Paris Climate Finance Pact Summit: no clear decisions but increased momentum

30 Jun 2023 by The Water Diplomat

Paris finance summit

France hosted an international summit on a new global financial pact on finance on the 22nd and 23rd of June. The summit aimed amongst others to create financial breathing space for countries facing financial difficulties, to promote private sector investment in low-income countries, to encourage investment in ‘green’ infrastructure, and to respond to the financial needs of countries vulnerable to climate change. The ambition as defined by French President Emmanuel Macron was to achieve a new consensus on the fight against poverty, the decarbonization of the economy and the protection of biodiversity. The financial aims were to clarify the amount of investment and the process required as well as to initiate a reform of global finance through the World Bank, the IMF, and public and private funds.      

Despite its aims, the meeting ended without a major announcement from the 40 countries that were represented.  Nevertheless, many issues were tabled, and progress was made on a number of topics. Much discussion has revolved around the pledge made at COP 15 in 2009 to make U.S. $ 100 billion in climate finance available per year by 2020.  According to developed countries, the total amount currently available is U.S. $ 83 billion (some 30 billion through public bilateral channels, 40 billion through multilateral public channels, and the rest through mobilised private finance including export credits). The total amount committed therefore still falls short of the pledge made at COP 15. Climate activists have come forward to voice their criticism of both the amount and the means by which it is delivered: thus Harjeet Singh from the Climate Action Network, for instance,  commented that too much reliance is being placed on the role of private sector investments and multilateral banks rather than on public sources of finance.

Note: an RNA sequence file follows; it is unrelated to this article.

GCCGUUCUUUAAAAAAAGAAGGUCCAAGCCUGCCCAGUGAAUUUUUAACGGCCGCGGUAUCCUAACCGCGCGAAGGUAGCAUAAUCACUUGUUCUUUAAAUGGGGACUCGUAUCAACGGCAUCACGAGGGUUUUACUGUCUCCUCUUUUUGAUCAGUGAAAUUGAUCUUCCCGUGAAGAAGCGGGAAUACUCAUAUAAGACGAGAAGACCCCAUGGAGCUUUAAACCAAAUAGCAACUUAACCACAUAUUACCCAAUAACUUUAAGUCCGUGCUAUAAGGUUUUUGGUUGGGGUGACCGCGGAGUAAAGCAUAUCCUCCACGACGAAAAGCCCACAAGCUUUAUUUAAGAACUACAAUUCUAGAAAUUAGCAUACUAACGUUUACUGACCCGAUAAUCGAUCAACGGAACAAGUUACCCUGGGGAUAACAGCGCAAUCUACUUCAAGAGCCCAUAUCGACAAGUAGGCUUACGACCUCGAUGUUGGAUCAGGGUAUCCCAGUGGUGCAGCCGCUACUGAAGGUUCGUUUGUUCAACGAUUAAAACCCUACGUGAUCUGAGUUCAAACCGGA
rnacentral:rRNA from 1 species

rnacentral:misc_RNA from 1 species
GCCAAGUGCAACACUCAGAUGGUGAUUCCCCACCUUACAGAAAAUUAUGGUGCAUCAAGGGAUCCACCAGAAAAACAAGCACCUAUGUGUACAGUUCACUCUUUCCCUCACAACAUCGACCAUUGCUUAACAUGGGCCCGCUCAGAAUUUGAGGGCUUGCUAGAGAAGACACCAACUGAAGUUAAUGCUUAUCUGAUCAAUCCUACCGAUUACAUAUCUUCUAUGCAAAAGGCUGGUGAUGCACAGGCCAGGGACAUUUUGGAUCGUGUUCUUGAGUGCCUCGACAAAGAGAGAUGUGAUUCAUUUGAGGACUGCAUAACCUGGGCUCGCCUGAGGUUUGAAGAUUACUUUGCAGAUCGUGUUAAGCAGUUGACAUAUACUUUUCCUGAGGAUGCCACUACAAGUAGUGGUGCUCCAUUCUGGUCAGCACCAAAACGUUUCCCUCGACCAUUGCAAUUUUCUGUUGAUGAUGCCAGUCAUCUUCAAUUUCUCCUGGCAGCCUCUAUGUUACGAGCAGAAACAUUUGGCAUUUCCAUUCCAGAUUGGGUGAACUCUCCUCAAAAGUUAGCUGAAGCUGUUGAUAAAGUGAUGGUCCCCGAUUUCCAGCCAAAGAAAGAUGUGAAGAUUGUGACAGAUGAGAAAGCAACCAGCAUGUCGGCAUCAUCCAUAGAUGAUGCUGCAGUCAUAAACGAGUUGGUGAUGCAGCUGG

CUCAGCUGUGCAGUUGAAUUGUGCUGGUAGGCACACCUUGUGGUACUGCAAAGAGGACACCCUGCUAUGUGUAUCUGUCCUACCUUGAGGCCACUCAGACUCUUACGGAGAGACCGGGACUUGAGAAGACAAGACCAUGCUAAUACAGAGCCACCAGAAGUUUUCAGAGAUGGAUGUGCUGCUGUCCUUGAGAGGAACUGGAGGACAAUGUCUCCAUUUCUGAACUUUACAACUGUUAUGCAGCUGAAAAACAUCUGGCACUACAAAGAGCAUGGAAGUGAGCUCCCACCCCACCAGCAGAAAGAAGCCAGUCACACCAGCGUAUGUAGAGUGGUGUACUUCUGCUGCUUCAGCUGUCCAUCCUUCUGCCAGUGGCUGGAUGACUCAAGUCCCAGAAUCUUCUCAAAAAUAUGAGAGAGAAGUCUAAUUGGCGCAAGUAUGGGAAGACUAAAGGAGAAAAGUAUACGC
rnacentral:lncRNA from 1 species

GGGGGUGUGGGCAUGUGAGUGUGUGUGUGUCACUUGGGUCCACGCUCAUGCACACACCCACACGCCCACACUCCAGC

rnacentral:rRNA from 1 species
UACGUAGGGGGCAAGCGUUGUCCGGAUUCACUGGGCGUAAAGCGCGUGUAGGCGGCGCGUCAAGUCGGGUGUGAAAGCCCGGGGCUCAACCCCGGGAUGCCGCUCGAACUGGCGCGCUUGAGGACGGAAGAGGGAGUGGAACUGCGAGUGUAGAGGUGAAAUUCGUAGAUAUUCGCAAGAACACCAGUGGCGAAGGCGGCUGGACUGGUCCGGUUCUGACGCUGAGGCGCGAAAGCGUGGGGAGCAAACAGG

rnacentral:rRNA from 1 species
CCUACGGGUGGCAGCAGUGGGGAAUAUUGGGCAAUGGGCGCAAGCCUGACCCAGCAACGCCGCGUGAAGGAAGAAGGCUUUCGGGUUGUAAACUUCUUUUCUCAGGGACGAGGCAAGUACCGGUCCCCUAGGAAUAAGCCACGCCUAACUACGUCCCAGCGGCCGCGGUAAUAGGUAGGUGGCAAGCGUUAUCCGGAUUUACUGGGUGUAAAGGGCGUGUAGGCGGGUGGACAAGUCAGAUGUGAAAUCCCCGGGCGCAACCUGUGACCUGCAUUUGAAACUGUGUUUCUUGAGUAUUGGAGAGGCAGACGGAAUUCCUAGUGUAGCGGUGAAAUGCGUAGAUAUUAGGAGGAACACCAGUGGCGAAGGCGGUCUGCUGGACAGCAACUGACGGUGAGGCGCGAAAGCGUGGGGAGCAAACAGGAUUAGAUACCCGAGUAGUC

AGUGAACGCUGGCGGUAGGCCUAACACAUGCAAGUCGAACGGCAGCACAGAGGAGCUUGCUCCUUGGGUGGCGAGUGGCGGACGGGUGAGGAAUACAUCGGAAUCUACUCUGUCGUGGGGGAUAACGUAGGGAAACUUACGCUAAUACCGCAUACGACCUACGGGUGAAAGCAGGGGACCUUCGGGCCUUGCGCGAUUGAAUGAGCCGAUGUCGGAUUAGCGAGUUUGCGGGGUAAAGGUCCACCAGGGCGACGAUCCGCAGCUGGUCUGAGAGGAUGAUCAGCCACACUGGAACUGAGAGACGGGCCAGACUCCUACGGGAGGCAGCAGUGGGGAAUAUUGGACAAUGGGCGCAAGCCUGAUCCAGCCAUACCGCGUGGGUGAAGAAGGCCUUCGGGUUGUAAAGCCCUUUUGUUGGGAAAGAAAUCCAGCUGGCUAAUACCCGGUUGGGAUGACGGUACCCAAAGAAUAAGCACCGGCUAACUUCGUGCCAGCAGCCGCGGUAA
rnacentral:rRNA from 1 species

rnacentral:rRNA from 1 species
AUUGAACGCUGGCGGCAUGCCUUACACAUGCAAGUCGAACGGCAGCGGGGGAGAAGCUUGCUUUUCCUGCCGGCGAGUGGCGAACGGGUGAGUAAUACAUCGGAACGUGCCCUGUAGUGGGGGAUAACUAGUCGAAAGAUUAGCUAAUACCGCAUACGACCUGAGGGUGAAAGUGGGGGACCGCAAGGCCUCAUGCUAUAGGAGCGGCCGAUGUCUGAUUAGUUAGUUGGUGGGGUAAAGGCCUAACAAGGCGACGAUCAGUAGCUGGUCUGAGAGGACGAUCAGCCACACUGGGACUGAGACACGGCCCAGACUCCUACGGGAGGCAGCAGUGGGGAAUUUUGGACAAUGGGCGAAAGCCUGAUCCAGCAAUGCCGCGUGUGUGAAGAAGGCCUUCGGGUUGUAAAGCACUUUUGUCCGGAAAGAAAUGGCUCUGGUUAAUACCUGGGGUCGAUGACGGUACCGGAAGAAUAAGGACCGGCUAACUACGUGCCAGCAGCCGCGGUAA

In Paris, the IMF managing director announced that it has reached the target of rechannelling U.S. $ 100 billion to poorer countries in the form of Special Drawing Rights (SDRs). To achieve this, a number of wealthier countries such as Japan and France have committed to pledge a portion of their own SDRs for use by low-income countries. However, there are still challenges in the delivery of this financial package. The first challenge is the lack of clear separation between finance that is strictly climate related and compensates poor countries for climate impacts largely created by industrialised countries, and finance that is ‘development’ related or designed to respond to global shocks such as the COVID-19 pandemic. The second is that this finance indeed largely comes in the form of loans and therefore threatens to increase overall indebtedness rather than providing debt relief.

A second major topic on which discussions advanced was around the climate-debt trap, whereby poor countries affected negatively by natural disasters need to take on new loans to respond to the damage. The World Bank Group announced a new toolkit for disaster preparedness which includes the possibility of pausing debt repayments and permitting the rapid redirection of a portion of funds for emergency needs if this is needed. This is to be backed up by improvements in early warning and emergency response systems.     

A third proposal, tabled by French President Emmanuel Macron, was to impose taxation on shipping, aviation or financial transactions to help generate funds to respond to global problems. According to Macron, there has been political traction so far on constructing a tax on carbon emissions from shipping. It has been estimated that such a shipping tax, is instituted, could raise some U.S. $ 5 billion a year.